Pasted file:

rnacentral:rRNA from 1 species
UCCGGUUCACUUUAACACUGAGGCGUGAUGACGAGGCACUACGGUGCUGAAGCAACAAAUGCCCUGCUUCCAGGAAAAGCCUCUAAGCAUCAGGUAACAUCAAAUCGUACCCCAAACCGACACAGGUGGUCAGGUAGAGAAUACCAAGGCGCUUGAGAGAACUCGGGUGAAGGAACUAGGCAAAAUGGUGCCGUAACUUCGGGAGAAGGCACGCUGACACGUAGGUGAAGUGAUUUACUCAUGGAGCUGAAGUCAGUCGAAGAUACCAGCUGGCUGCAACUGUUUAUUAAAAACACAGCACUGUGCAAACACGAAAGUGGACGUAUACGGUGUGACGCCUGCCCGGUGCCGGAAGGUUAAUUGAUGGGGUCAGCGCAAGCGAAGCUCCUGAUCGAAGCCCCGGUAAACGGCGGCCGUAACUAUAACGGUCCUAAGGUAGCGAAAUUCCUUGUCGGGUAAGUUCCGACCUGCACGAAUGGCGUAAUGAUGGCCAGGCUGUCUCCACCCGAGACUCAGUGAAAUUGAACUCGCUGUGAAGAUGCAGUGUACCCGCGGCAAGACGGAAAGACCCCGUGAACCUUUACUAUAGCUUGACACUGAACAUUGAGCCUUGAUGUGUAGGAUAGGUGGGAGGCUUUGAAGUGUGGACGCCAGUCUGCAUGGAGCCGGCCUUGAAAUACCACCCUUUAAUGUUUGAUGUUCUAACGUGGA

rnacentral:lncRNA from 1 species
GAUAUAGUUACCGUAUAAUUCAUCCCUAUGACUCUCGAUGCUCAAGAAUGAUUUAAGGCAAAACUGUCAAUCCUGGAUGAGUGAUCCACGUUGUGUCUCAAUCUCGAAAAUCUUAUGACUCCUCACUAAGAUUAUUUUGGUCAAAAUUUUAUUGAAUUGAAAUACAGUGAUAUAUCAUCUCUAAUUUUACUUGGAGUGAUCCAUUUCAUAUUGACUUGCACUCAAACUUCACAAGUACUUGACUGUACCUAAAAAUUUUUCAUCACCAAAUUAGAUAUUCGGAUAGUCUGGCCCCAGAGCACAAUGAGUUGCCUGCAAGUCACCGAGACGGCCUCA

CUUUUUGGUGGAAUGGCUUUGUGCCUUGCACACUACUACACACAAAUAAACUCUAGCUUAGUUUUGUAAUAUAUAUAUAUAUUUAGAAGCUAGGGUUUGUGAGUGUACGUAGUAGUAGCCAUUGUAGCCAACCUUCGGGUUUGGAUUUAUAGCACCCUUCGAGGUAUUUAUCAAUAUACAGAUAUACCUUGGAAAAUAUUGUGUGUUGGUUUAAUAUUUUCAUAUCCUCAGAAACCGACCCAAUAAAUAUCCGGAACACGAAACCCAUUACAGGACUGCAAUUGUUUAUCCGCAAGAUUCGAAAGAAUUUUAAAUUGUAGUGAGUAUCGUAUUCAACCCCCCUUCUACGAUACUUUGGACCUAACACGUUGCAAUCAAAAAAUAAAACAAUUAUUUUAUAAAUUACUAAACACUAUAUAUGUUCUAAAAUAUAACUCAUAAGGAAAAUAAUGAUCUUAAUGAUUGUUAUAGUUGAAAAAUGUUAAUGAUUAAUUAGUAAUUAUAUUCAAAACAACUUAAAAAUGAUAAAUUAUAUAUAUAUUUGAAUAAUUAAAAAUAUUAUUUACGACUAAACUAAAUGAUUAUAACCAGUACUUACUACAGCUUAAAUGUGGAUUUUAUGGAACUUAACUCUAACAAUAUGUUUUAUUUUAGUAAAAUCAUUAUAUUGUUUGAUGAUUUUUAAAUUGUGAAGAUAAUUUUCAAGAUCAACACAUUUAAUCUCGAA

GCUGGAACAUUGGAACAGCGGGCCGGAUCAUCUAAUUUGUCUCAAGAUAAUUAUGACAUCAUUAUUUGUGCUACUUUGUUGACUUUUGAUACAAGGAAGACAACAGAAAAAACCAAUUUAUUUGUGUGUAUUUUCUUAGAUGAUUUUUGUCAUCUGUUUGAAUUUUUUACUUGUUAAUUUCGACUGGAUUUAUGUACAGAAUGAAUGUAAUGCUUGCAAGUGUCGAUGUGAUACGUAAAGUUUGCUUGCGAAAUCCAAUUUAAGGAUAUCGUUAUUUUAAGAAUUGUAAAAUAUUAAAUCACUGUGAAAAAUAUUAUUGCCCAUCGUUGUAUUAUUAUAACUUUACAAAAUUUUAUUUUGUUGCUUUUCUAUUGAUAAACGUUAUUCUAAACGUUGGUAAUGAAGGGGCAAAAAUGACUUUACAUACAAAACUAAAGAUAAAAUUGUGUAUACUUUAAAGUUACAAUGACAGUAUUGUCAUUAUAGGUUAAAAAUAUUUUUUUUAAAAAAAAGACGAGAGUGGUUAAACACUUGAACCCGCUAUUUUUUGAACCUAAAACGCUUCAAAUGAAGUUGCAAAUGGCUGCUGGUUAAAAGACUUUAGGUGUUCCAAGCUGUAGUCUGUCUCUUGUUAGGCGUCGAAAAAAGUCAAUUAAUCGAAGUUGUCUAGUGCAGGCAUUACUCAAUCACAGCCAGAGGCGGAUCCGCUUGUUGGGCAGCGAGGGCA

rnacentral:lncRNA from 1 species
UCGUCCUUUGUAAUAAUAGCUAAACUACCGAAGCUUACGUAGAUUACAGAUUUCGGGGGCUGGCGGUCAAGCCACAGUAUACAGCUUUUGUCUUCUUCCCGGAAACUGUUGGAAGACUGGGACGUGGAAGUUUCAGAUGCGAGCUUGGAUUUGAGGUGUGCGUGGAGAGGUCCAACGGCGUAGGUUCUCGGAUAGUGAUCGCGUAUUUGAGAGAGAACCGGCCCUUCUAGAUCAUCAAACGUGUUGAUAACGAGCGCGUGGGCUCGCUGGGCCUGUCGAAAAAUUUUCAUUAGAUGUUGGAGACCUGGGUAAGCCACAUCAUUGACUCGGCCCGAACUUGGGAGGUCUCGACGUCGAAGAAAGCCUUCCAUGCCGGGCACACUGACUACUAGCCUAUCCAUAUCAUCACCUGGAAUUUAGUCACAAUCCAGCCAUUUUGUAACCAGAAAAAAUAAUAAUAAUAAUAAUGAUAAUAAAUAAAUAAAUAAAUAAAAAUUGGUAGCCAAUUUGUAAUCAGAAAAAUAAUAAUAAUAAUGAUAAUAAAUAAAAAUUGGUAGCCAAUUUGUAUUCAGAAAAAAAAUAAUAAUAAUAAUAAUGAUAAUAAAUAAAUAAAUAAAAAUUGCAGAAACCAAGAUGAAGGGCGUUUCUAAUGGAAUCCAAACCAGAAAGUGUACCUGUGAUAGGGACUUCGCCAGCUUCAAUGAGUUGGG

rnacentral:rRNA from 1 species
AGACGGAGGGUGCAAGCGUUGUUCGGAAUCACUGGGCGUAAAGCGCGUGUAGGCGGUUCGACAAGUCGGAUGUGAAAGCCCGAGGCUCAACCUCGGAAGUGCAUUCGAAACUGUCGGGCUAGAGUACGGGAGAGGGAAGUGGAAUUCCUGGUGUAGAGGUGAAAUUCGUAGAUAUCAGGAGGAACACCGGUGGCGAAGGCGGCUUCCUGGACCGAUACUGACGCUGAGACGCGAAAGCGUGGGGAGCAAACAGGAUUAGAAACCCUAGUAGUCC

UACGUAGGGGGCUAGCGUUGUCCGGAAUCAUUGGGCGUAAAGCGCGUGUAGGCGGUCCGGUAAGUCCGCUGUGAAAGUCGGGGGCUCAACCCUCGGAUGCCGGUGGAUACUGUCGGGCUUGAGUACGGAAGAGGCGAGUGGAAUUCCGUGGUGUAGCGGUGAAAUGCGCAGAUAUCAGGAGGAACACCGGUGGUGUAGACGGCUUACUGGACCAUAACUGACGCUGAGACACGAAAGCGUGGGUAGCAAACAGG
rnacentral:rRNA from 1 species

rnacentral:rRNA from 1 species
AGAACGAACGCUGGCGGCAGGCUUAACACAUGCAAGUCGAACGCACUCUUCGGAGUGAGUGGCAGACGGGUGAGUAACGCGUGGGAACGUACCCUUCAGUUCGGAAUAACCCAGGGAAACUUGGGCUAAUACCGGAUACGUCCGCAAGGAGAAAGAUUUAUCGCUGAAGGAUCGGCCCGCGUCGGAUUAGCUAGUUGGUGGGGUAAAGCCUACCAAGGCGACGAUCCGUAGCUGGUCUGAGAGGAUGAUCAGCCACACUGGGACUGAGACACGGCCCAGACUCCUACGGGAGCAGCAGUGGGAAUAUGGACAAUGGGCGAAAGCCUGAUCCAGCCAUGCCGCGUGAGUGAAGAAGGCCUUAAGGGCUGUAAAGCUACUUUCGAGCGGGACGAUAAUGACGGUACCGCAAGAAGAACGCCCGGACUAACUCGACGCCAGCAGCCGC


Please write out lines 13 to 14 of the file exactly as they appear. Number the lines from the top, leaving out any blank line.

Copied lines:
rnacentral:rRNA from 1 species
AGAACGAACGCUGGCGGCAGGCUUAACACAUGCAAGUCGAACGCACUCUUCGGAGUGAGUGGCAGACGGGUGAGUAACGCGUGGGAACGUACCCUUCAGUUCGGAAUAACCCAGGGAAACUUGGGCUAAUACCGGAUACGUCCGCAAGGAGAAAGAUUUAUCGCUGAAGGAUCGGCCCGCGUCGGAUUAGCUAGUUGGUGGGGUAAAGCCUACCAAGGCGACGAUCCGUAGCUGGUCUGAGAGGAUGAUCAGCCACACUGGGACUGAGACACGGCCCAGACUCCUACGGGAGCAGCAGUGGGAAUAUGGACAAUGGGCGAAAGCCUGAUCCAGCCAUGCCGCGUGAGUGAAGAAGGCCUUAAGGGCUGUAAAGCUACUUUCGAGCGGGACGAUAAUGACGGUACCGCAAGAAGAACGCCCGGACUAACUCGACGCCAGCAGCCGC